unknown, and proposed arguments to them; and sometimes meeting with Hibernian geniuses, who were very glad of the occasion, it

was a good jest to see us dispute : by our extravagant gestures, • grimace, contortions, our eyes full of fary, and our mouths full of . foam, one would have taken us for bedlamites rather than philoso

phers. '--Vol. I. p. 3.
$ In Phædone, s 40. Ed. Oxon.

|| In Theæteto, p. 130. The process of ratiocination taught by Raimond Lully, as it is described by his follower Cornelius Agrippa, strongly reminds us of the Grecian Sophists. By this art, says he,

everye man might plentifullye dispute of what matter he wolde, ' and with a certain artificial and huge heap of nownes and verbes

invente and dispute with ostentation, full of trilling deceites upon both sides.' (Corn. Agrip. of the Vanity of Sciences, Englished by Ja. San. Gent. Lond. 1575.) It is this mechanical process which Swift ridicules by his machine in the academy of Lagado.-Scott's Life of Swift, p. 334.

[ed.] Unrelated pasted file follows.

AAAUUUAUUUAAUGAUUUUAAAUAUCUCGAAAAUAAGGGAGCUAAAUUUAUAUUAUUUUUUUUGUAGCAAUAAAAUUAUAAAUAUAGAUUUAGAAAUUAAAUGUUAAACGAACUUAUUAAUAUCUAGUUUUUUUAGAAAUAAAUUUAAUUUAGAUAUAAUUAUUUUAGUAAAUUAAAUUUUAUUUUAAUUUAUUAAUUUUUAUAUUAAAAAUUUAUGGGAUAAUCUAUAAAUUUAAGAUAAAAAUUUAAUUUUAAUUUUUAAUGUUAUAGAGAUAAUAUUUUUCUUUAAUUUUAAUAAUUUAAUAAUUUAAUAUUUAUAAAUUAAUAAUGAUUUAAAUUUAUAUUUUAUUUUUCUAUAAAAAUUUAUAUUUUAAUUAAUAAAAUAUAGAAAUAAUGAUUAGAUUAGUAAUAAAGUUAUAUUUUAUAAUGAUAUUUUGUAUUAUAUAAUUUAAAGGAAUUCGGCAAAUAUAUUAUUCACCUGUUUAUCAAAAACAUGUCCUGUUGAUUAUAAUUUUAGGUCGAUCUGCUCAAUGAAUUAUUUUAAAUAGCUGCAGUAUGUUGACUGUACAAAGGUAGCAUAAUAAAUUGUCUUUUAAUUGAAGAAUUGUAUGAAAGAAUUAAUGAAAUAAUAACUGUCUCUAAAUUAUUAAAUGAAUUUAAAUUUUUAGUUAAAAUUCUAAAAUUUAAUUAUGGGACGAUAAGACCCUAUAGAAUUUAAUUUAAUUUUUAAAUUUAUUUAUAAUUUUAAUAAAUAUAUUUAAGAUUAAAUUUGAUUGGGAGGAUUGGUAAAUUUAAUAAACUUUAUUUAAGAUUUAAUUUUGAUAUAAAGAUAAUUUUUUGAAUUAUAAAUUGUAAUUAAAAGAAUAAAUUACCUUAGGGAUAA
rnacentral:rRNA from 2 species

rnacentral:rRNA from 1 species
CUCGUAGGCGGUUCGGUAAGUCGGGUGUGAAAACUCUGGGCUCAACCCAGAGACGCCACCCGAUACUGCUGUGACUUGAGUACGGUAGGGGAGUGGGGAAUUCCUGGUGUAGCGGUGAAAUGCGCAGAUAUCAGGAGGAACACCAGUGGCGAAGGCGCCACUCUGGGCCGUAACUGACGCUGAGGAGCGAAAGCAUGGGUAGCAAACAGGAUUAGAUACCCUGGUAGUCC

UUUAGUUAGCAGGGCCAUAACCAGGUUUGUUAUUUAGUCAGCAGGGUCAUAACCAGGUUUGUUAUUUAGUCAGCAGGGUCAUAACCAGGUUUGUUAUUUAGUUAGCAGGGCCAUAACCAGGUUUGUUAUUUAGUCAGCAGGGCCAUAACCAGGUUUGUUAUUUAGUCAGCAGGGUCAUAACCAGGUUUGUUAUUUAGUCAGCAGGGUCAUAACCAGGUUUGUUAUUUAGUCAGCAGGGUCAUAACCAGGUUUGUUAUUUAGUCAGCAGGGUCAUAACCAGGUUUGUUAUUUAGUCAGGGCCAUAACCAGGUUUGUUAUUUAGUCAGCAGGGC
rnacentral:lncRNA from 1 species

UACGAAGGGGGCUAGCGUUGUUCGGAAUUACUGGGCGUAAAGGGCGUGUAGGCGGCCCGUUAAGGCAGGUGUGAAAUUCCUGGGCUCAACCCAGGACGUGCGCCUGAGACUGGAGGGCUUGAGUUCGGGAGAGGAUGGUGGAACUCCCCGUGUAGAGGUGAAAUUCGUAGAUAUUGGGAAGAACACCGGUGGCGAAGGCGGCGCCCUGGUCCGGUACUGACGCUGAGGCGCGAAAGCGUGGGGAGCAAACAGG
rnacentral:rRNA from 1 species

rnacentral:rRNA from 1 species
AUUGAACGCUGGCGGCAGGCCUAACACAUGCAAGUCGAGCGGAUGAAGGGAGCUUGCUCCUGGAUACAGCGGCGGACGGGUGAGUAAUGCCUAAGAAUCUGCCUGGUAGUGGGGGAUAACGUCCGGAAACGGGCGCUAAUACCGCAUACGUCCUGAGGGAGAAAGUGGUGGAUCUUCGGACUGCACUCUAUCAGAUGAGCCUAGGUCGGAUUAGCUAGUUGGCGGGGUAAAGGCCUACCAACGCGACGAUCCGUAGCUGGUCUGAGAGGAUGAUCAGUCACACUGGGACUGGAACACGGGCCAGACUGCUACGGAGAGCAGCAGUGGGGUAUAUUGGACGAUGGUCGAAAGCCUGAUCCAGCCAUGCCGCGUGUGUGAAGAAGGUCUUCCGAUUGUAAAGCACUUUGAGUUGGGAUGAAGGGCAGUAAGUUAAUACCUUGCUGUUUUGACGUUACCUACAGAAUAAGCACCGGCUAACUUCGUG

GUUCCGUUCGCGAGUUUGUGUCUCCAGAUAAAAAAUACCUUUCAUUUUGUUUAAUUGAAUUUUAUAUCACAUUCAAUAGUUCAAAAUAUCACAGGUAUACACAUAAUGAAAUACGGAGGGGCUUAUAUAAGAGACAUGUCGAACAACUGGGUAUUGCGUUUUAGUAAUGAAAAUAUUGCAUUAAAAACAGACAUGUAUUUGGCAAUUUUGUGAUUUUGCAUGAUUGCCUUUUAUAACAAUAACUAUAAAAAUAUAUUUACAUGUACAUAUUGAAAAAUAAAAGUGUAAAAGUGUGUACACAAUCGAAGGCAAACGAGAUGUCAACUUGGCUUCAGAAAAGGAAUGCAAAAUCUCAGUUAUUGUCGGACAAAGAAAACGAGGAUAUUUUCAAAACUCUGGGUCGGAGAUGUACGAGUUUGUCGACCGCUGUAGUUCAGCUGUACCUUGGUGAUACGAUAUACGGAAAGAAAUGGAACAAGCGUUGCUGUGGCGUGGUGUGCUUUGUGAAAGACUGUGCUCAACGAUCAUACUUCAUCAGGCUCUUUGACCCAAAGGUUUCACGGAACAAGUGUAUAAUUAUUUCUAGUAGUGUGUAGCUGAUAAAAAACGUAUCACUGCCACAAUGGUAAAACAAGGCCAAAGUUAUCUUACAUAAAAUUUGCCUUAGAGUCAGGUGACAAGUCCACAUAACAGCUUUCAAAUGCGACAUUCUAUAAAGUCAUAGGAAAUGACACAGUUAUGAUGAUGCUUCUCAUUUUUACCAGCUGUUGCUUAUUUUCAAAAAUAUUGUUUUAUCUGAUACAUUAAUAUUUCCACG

To dispel by the powerful weapon of ridicule these mists of 6 error,--to give a finished picture of a plain unlettered man as

he was likely to come from the hands of the Sophists,—to reso que the young men of family from the hands of such flagitious

preceptors, and restore them to that noble simplicity of man• ners, which had prevailed in Greece in the time of Homer, • and which had not entirely disappeared even in the days of · Herodotus, was unquestionably the object of the Clouds.' The object was laudable—was noble--and the manner in which it was attempted does as much credit to the heart and understanding, as it does to the inventive genius and poetic powers of Aristophanes. How the attempt was made the plot and plan of the memorable drama, on which the Poet bestowed the whole force of his consummate skill-must, from the writings of Cumberland, be well known to the generality of read